Nipples aren’t obscene. Sexism is.
Let’s stop being such boobs about nipples. From Facebook censoring pictures of breastfeeding women to Fox News fuzzing up the chests of Picasso’s Les Femmes d’Alger, America seems to be on a binge of mammary prudery.
At the Calvin Klein Collection Resort show on Wednesday (June 3), fashion designer Francisco Costa sent out two models dressed in clothes printed with boobs all over them.
The abstracted breast motifs, designed in collaboration with the painter Alice Lancaster, were fairly benign, as boobs go—but then again, aren’t most? I think so, and these boobs looked particularly friendly, with nipples that recalled cartoon eyes. But nipples, it would seem, can strike fear into many hearts.
Like other human body parts, nipples can be many things: erotic, functional, beautiful, and strange. But when those nipples belong to a woman, some would add adjectives such as obscene, shameful, and dangerous.
The sexist double standard is obvious and offensive, and while I enjoy covering myself with a shirt in public, I certainly wouldn’t want to be treated as a miscreant if I chose, say, to remove my top at the beach.
Guys can show theirs
That’s the point that a group of women set out to make in Los Angeles on Saturday (May 30), when they gathered topless on Venice Beach, where the neighborhood council recently voted in support of “women being afforded the same rights as men to sunbathe topless.” They rallied in support of the #FreeTheNipple campaign, which aims to empower women to bare their complete breasts, without consequences. Celebrities such as Rihanna, Miley Cyrus, and Lena Dunham have taken up the cause as well.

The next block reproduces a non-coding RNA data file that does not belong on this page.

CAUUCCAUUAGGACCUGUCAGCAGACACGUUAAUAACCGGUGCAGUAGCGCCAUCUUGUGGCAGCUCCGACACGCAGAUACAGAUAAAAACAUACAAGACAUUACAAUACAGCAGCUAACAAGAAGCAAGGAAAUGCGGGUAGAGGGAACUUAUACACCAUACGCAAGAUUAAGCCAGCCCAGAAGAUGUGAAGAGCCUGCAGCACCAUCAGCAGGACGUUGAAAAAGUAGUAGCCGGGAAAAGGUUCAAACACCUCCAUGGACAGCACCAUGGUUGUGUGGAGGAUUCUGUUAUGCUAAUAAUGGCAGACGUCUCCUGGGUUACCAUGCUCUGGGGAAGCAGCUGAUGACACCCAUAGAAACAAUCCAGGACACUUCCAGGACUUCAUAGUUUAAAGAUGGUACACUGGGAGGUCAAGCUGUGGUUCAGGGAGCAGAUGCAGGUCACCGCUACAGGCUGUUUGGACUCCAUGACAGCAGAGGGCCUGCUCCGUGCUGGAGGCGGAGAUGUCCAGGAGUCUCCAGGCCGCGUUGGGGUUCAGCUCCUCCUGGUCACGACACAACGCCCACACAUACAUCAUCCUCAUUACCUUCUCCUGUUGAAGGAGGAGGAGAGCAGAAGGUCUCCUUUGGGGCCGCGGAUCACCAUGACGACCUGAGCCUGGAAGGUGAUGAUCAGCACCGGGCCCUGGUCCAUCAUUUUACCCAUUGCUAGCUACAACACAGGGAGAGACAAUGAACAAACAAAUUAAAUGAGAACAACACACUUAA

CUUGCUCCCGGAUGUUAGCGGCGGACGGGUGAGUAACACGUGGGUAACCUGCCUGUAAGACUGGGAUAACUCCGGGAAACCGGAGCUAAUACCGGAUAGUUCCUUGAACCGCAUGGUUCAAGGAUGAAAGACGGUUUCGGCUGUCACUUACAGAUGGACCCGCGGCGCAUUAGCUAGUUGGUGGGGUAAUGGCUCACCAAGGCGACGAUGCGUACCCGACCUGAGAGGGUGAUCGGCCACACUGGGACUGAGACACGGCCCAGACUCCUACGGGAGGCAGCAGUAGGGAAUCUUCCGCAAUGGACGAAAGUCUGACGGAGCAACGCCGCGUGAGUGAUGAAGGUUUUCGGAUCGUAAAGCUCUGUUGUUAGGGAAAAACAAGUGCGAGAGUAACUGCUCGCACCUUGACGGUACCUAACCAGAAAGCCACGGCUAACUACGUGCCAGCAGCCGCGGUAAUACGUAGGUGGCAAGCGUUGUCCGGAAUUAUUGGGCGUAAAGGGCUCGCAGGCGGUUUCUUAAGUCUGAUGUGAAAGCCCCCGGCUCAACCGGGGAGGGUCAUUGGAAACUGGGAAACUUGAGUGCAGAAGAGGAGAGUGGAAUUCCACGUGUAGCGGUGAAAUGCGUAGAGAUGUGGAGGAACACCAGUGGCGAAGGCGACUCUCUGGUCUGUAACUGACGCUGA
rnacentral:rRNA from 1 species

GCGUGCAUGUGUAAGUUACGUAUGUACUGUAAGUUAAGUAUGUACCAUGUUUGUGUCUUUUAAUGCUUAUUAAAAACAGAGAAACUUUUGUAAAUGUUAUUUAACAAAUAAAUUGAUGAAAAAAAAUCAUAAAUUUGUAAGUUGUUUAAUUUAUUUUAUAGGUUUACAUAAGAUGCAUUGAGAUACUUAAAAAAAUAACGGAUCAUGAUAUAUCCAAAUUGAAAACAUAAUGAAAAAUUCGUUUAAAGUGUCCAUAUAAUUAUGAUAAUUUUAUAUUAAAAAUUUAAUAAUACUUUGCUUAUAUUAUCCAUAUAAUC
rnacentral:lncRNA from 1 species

“I feel that women’s sexualities are taken at a young age and then sold directly back to us,” Ali Marsh, the 17-year-old organizer of Saturday’s topless gathering told i-D. “We are not allowed to show our bodies, yet every poster, ad, and movie has naked women trying to sell us something.”
At least in the US, many women feel they not only have to cover their nipples, they have to obscure their form completely with padded or thickly lined bras. (Magazines can just use Photoshop.)
“This nipple modesty thing is a number one issue,” Michelle Lam, founder of the research-intensive lingerie company True & Co., told Quartz last year. “Nips are probably not great in a co-ed board meeting situation—in the American landscape anyway.”
That goes for breastfeeding mothers too
In May, a man took and posted a photograph of Conner Kendall, an Indiana mother, feeding her son at a TGI Fridays restaurant, without her permission.
He wrote: “I went [sic] to know if this is appropriate or inappropriate as I’m trying to eat my Fridays, there are little kids around…”
After Kendall became aware of the photograph, she responded with a lengthy, thoughtful Facebook post that has since been shared more than 90,000 times.
“Let’s show everyone that we will not stand for being put down, shamed, and harassed for simply fulfilling our children’s most basic need,” she wrote.
Other mothers have responded to requests to “cover up” while breastfeeding by pulling their shirts over their faces instead of their breasts and babies—who sometimes prefer not to feed in the dark.
What if I’m a cartoon?
It’s only recently that the arbiters of good taste at Facebook and Instagram—where women’s nipples are generally not welcome—have made exceptions for images of post-mastectomy scarring and breastfeeding.
When Alice Lancaster shared an image of her painting, Naked Juror No. 2 (featured at top), in her Instagram feed, the company sent her a warning and removed the picture. (The company has since eased the policy on paintings and sculptures depicting nudity.)
Lancaster called the censorship “insane” in an email to Quartz. Although her work has been embraced by the #FreeTheNipple activists, she said her paintings aren’t political.
“I started painting boobs after I made a lot of nude figure paintings,” she said. “I wanted my art to be minimal and I concentrated on making the simplest lines when drawing or painting the female form, which included boobs.”
When another painting of boobs, Pablo Picasso’s 1955 painting Les femmes d’Alger (Version ‘O’), became the most expensive painting ever sold at auction, New York’s local Fox news affiliate blurred out the femmes’ breasts. (Butts were okay though.)
The reaction online to the absurd censorship was swift and merciless. I am optimistic that the support for Lancaster’s stylishly subversive Calvin Klein print will be equally strong.
Nipples aren’t obscene. Sexism is.